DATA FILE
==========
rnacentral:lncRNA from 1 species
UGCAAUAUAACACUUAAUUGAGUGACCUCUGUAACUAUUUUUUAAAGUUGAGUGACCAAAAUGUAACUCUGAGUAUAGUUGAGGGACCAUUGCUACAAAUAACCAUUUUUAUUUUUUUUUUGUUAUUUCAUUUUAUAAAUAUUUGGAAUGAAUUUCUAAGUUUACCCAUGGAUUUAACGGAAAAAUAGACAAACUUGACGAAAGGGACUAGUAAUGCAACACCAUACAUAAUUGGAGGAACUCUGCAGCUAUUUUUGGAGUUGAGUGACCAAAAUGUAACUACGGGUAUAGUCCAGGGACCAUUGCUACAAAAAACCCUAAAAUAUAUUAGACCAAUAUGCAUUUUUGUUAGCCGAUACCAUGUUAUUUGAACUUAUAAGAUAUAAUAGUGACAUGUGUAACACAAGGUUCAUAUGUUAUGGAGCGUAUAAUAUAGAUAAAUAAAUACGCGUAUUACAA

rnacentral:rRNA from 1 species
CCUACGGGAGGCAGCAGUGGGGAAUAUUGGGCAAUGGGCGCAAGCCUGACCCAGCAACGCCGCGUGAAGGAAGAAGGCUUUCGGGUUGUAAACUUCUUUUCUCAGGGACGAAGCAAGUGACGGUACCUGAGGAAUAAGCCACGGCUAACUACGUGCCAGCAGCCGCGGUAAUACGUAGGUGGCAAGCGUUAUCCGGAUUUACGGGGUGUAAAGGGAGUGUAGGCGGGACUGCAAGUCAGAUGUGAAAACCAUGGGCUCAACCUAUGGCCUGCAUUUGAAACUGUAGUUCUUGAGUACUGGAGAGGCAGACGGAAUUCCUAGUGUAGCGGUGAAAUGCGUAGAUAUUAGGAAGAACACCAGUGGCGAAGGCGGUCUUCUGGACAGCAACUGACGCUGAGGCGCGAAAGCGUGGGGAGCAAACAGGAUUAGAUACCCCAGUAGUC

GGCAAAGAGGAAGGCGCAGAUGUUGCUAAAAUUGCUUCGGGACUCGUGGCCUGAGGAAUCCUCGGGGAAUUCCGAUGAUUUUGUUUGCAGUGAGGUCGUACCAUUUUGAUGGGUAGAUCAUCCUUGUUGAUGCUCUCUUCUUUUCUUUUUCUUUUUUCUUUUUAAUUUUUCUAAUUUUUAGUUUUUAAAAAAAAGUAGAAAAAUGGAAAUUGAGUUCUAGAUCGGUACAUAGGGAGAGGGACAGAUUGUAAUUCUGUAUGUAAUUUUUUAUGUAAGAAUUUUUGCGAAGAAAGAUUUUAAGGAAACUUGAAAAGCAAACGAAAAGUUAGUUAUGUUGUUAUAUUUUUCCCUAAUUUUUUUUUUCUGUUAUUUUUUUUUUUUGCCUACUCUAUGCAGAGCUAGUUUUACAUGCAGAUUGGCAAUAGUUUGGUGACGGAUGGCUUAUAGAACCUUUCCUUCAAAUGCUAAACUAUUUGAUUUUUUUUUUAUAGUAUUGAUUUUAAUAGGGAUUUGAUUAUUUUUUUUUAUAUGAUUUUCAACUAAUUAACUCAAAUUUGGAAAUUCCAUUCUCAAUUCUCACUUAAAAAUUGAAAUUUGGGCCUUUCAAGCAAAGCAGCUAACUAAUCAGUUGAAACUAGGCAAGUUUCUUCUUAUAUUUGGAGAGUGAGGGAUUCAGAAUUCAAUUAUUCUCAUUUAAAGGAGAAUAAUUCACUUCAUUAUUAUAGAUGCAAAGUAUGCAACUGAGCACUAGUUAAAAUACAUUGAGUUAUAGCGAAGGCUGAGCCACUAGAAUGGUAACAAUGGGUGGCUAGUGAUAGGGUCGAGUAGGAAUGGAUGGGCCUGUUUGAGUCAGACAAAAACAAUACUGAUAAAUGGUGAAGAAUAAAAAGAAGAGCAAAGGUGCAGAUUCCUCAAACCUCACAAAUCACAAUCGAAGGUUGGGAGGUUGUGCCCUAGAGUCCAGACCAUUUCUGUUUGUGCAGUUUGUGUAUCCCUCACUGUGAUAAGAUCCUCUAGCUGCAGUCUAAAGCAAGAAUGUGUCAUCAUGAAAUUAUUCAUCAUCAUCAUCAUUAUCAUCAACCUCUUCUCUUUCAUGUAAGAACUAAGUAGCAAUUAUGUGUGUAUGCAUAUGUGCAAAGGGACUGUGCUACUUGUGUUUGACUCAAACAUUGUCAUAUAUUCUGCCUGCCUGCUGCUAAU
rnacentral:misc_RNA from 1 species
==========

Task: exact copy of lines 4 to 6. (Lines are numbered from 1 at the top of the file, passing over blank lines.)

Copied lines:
CCUACGGGAGGCAGCAGUGGGGAAUAUUGGGCAAUGGGCGCAAGCCUGACCCAGCAACGCCGCGUGAAGGAAGAAGGCUUUCGGGUUGUAAACUUCUUUUCUCAGGGACGAAGCAAGUGACGGUACCUGAGGAAUAAGCCACGGCUAACUACGUGCCAGCAGCCGCGGUAAUACGUAGGUGGCAAGCGUUAUCCGGAUUUACGGGGUGUAAAGGGAGUGUAGGCGGGACUGCAAGUCAGAUGUGAAAACCAUGGGCUCAACCUAUGGCCUGCAUUUGAAACUGUAGUUCUUGAGUACUGGAGAGGCAGACGGAAUUCCUAGUGUAGCGGUGAAAUGCGUAGAUAUUAGGAAGAACACCAGUGGCGAAGGCGGUCUUCUGGACAGCAACUGACGCUGAGGCGCGAAAGCGUGGGGAGCAAACAGGAUUAGAUACCCCAGUAGUC

GGCAAAGAGGAAGGCGCAGAUGUUGCUAAAAUUGCUUCGGGACUCGUGGCCUGAGGAAUCCUCGGGGAAUUCCGAUGAUUUUGUUUGCAGUGAGGUCGUACCAUUUUGAUGGGUAGAUCAUCCUUGUUGAUGCUCUCUUCUUUUCUUUUUCUUUUUUCUUUUUAAUUUUUCUAAUUUUUAGUUUUUAAAAAAAAGUAGAAAAAUGGAAAUUGAGUUCUAGAUCGGUACAUAGGGAGAGGGACAGAUUGUAAUUCUGUAUGUAAUUUUUUAUGUAAGAAUUUUUGCGAAGAAAGAUUUUAAGGAAACUUGAAAAGCAAACGAAAAGUUAGUUAUGUUGUUAUAUUUUUCCCUAAUUUUUUUUUUCUGUUAUUUUUUUUUUUUGCCUACUCUAUGCAGAGCUAGUUUUACAUGCAGAUUGGCAAUAGUUUGGUGACGGAUGGCUUAUAGAACCUUUCCUUCAAAUGCUAAACUAUUUGAUUUUUUUUUUAUAGUAUUGAUUUUAAUAGGGAUUUGAUUAUUUUUUUUUAUAUGAUUUUCAACUAAUUAACUCAAAUUUGGAAAUUCCAUUCUCAAUUCUCACUUAAAAAUUGAAAUUUGGGCCUUUCAAGCAAAGCAGCUAACUAAUCAGUUGAAACUAGGCAAGUUUCUUCUUAUAUUUGGAGAGUGAGGGAUUCAGAAUUCAAUUAUUCUCAUUUAAAGGAGAAUAAUUCACUUCAUUAUUAUAGAUGCAAAGUAUGCAACUGAGCACUAGUUAAAAUACAUUGAGUUAUAGCGAAGGCUGAGCCACUAGAAUGGUAACAAUGGGUGGCUAGUGAUAGGGUCGAGUAGGAAUGGAUGGGCCUGUUUGAGUCAGACAAAAACAAUACUGAUAAAUGGUGAAGAAUAAAAAGAAGAGCAAAGGUGCAGAUUCCUCAAACCUCACAAAUCACAAUCGAAGGUUGGGAGGUUGUGCCCUAGAGUCCAGACCAUUUCUGUUUGUGCAGUUUGUGUAUCCCUCACUGUGAUAAGAUCCUCUAGCUGCAGUCUAAAGCAAGAAUGUGUCAUCAUGAAAUUAUUCAUCAUCAUCAUCAUUAUCAUCAACCUCUUCUCUUUCAUGUAAGAACUAAGUAGCAAUUAUGUGUGUAUGCAUAUGUGCAAAGGGACUGUGCUACUUGUGUUUGACUCAAACAUUGUCAUAUAUUCUGCCUGCCUGCUGCUAAU
rnacentral:misc_RNA from 1 species